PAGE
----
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Spring Grazing and the Manipulation of Food Quality by Barnacle Geese
R. C. Ydenberg and H. H. Th. Prins
Journal of Applied Ecology
Vol. 18, No. 2 (Aug., 1981), pp. 443-453
Published by: British Ecological Society
Stable URL: http://www.jstor.org/stable/2402405
Page Count: 11
You can always find the topics here!Topics: Geese, Grazing, Vegetation, Grazing intensity, Plants, Species, Applied ecology, Foraging, Grasses, Breeding
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(1) The foraging activities of a large flock of barnacle geese (Branta leucopsis Bechstein) wintering on the West Frisian island of Schiermonnikoog were monitored during the spring of 1978. On fourteen sites distributed over the grazing area we measured grazing intensity, plant species presence and abundance, standing cropherbage accumulation, and crude protein content of Festuca rubra L., the primary food plant of barnacle geese. Two of the sites had nitrogen fertilizer applied to them. (2) Almost all the sites were grazed repeatedly, but barnacle geese utilized different areas with different mtensities. In spite of this, the standing crops did not differ between sites, and the standing crop on all the sites remained relatively constant throughout the spring, including the sites that received a nitrogen fertilizer. (3) Areas with the highest rates of herbage accumulation were grazed most intensely. Barnacle geese displayed no consistent preference for other site characteristics. (4) High levels of protein in Festuca rubra were a direct result of repeated grazing of sites by barnacle geese, and the consequent sustained regeneration of young, protein-rich plant tissues.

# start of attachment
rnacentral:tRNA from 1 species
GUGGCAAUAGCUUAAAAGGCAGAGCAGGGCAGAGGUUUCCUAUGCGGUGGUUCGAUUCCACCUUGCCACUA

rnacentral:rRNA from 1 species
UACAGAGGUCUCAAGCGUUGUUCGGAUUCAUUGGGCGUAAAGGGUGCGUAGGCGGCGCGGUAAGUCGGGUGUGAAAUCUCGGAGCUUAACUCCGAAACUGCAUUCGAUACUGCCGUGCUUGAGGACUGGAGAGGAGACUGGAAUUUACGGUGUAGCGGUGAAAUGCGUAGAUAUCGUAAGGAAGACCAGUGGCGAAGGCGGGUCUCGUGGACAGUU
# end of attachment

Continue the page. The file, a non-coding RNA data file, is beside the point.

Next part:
Journal of Applied Ecology © 1981 British Ecological Society